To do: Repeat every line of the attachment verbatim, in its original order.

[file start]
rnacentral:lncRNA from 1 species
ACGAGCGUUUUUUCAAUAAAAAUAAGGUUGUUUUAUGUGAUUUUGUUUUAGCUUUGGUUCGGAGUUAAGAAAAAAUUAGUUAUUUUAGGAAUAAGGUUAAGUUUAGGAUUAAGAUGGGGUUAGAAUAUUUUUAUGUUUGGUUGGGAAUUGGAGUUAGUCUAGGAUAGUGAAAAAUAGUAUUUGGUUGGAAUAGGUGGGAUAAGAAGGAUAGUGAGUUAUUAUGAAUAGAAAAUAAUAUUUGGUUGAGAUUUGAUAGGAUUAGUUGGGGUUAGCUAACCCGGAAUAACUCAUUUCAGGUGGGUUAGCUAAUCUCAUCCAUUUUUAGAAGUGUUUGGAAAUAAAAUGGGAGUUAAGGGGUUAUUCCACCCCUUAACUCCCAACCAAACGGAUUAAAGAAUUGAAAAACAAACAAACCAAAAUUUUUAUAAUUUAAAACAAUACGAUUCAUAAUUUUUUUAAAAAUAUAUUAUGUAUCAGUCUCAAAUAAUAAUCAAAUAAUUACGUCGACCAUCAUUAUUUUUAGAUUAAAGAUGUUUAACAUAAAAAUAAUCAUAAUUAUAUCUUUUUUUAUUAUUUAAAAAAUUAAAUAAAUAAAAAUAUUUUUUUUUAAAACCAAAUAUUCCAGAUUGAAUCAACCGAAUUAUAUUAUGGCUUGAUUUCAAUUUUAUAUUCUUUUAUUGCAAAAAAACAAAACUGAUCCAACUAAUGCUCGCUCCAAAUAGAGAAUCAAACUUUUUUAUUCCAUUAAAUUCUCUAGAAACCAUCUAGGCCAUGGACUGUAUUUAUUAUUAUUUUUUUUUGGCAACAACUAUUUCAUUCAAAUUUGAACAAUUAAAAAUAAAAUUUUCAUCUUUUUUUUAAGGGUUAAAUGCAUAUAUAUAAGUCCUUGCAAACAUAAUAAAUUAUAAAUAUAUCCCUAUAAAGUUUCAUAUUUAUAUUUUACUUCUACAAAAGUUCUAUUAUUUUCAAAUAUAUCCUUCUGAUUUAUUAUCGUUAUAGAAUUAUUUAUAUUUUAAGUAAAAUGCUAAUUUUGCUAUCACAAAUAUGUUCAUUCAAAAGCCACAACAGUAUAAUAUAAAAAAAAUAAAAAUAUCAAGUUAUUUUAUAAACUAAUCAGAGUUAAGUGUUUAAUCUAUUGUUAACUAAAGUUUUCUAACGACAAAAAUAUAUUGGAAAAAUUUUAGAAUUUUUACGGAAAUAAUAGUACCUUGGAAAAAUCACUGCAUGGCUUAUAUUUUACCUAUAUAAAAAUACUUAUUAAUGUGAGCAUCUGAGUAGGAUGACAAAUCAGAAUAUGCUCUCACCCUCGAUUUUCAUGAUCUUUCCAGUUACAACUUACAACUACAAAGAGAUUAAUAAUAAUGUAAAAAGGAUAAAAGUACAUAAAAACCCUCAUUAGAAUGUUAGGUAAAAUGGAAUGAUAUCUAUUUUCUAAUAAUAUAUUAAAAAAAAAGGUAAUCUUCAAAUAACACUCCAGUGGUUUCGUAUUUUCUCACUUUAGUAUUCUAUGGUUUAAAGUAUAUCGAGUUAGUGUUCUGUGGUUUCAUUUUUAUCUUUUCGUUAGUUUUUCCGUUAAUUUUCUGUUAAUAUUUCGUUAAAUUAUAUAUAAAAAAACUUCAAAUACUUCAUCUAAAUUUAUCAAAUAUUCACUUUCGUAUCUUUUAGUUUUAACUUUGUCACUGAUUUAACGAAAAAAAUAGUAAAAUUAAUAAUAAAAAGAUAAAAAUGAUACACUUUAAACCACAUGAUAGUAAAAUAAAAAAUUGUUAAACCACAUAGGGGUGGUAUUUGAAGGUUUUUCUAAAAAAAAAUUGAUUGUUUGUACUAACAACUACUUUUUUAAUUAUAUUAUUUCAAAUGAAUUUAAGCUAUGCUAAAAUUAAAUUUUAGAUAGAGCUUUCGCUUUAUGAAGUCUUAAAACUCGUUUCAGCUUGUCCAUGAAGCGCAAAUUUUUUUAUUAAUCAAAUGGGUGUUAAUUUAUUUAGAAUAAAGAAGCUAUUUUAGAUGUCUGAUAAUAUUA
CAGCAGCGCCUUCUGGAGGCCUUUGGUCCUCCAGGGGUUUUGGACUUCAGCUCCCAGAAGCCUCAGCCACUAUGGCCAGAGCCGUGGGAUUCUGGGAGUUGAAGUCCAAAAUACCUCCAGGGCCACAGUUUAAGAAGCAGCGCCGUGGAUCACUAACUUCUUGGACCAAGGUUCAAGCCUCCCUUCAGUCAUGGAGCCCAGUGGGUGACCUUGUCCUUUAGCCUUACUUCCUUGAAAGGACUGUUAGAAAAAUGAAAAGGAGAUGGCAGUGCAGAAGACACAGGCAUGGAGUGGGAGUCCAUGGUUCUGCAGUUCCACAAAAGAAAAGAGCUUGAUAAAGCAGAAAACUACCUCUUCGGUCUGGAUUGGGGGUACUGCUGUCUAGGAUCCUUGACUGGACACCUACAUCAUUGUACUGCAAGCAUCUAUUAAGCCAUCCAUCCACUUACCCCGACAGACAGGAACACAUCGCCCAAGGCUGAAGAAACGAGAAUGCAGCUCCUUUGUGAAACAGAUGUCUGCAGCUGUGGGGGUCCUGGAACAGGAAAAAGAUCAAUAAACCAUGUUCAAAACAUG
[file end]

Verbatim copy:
rnacentral:lncRNA from 1 species
ACGAGCGUUUUUUCAAUAAAAAUAAGGUUGUUUUAUGUGAUUUUGUUUUAGCUUUGGUUCGGAGUUAAGAAAAAAUUAGUUAUUUUAGGAAUAAGGUUAAGUUUAGGAUUAAGAUGGGGUUAGAAUAUUUUUAUGUUUGGUUGGGAAUUGGAGUUAGUCUAGGAUAGUGAAAAAUAGUAUUUGGUUGGAAUAGGUGGGAUAAGAAGGAUAGUGAGUUAUUAUGAAUAGAAAAUAAUAUUUGGUUGAGAUUUGAUAGGAUUAGUUGGGGUUAGCUAACCCGGAAUAACUCAUUUCAGGUGGGUUAGCUAAUCUCAUCCAUUUUUAGAAGUGUUUGGAAAUAAAAUGGGAGUUAAGGGGUUAUUCCACCCCUUAACUCCCAACCAAACGGAUUAAAGAAUUGAAAAACAAACAAACCAAAAUUUUUAUAAUUUAAAACAAUACGAUUCAUAAUUUUUUUAAAAAUAUAUUAUGUAUCAGUCUCAAAUAAUAAUCAAAUAAUUACGUCGACCAUCAUUAUUUUUAGAUUAAAGAUGUUUAACAUAAAAAUAAUCAUAAUUAUAUCUUUUUUUAUUAUUUAAAAAAUUAAAUAAAUAAAAAUAUUUUUUUUUAAAACCAAAUAUUCCAGAUUGAAUCAACCGAAUUAUAUUAUGGCUUGAUUUCAAUUUUAUAUUCUUUUAUUGCAAAAAAACAAAACUGAUCCAACUAAUGCUCGCUCCAAAUAGAGAAUCAAACUUUUUUAUUCCAUUAAAUUCUCUAGAAACCAUCUAGGCCAUGGACUGUAUUUAUUAUUAUUUUUUUUUGGCAACAACUAUUUCAUUCAAAUUUGAACAAUUAAAAAUAAAAUUUUCAUCUUUUUUUUAAGGGUUAAAUGCAUAUAUAUAAGUCCUUGCAAACAUAAUAAAUUAUAAAUAUAUCCCUAUAAAGUUUCAUAUUUAUAUUUUACUUCUACAAAAGUUCUAUUAUUUUCAAAUAUAUCCUUCUGAUUUAUUAUCGUUAUAGAAUUAUUUAUAUUUUAAGUAAAAUGCUAAUUUUGCUAUCACAAAUAUGUUCAUUCAAAAGCCACAACAGUAUAAUAUAAAAAAAAUAAAAAUAUCAAGUUAUUUUAUAAACUAAUCAGAGUUAAGUGUUUAAUCUAUUGUUAACUAAAGUUUUCUAACGACAAAAAUAUAUUGGAAAAAUUUUAGAAUUUUUACGGAAAUAAUAGUACCUUGGAAAAAUCACUGCAUGGCUUAUAUUUUACCUAUAUAAAAAUACUUAUUAAUGUGAGCAUCUGAGUAGGAUGACAAAUCAGAAUAUGCUCUCACCCUCGAUUUUCAUGAUCUUUCCAGUUACAACUUACAACUACAAAGAGAUUAAUAAUAAUGUAAAAAGGAUAAAAGUACAUAAAAACCCUCAUUAGAAUGUUAGGUAAAAUGGAAUGAUAUCUAUUUUCUAAUAAUAUAUUAAAAAAAAAGGUAAUCUUCAAAUAACACUCCAGUGGUUUCGUAUUUUCUCACUUUAGUAUUCUAUGGUUUAAAGUAUAUCGAGUUAGUGUUCUGUGGUUUCAUUUUUAUCUUUUCGUUAGUUUUUCCGUUAAUUUUCUGUUAAUAUUUCGUUAAAUUAUAUAUAAAAAAACUUCAAAUACUUCAUCUAAAUUUAUCAAAUAUUCACUUUCGUAUCUUUUAGUUUUAACUUUGUCACUGAUUUAACGAAAAAAAUAGUAAAAUUAAUAAUAAAAAGAUAAAAAUGAUACACUUUAAACCACAUGAUAGUAAAAUAAAAAAUUGUUAAACCACAUAGGGGUGGUAUUUGAAGGUUUUUCUAAAAAAAAAUUGAUUGUUUGUACUAACAACUACUUUUUUAAUUAUAUUAUUUCAAAUGAAUUUAAGCUAUGCUAAAAUUAAAUUUUAGAUAGAGCUUUCGCUUUAUGAAGUCUUAAAACUCGUUUCAGCUUGUCCAUGAAGCGCAAAUUUUUUUAUUAAUCAAAUGGGUGUUAAUUUAUUUAGAAUAAAGAAGCUAUUUUAGAUGUCUGAUAAUAUUA
CAGCAGCGCCUUCUGGAGGCCUUUGGUCCUCCAGGGGUUUUGGACUUCAGCUCCCAGAAGCCUCAGCCACUAUGGCCAGAGCCGUGGGAUUCUGGGAGUUGAAGUCCAAAAUACCUCCAGGGCCACAGUUUAAGAAGCAGCGCCGUGGAUCACUAACUUCUUGGACCAAGGUUCAAGCCUCCCUUCAGUCAUGGAGCCCAGUGGGUGACCUUGUCCUUUAGCCUUACUUCCUUGAAAGGACUGUUAGAAAAAUGAAAAGGAGAUGGCAGUGCAGAAGACACAGGCAUGGAGUGGGAGUCCAUGGUUCUGCAGUUCCACAAAAGAAAAGAGCUUGAUAAAGCAGAAAACUACCUCUUCGGUCUGGAUUGGGGGUACUGCUGUCUAGGAUCCUUGACUGGACACCUACAUCAUUGUACUGCAAGCAUCUAUUAAGCCAUCCAUCCACUUACCCCGACAGACAGGAACACAUCGCCCAAGGCUGAAGAAACGAGAAUGCAGCUCCUUUGUGAAACAGAUGUCUGCAGCUGUGGGGGUCCUGGAACAGGAAAAAGAUCAAUAAACCAUGUUCAAAACAUG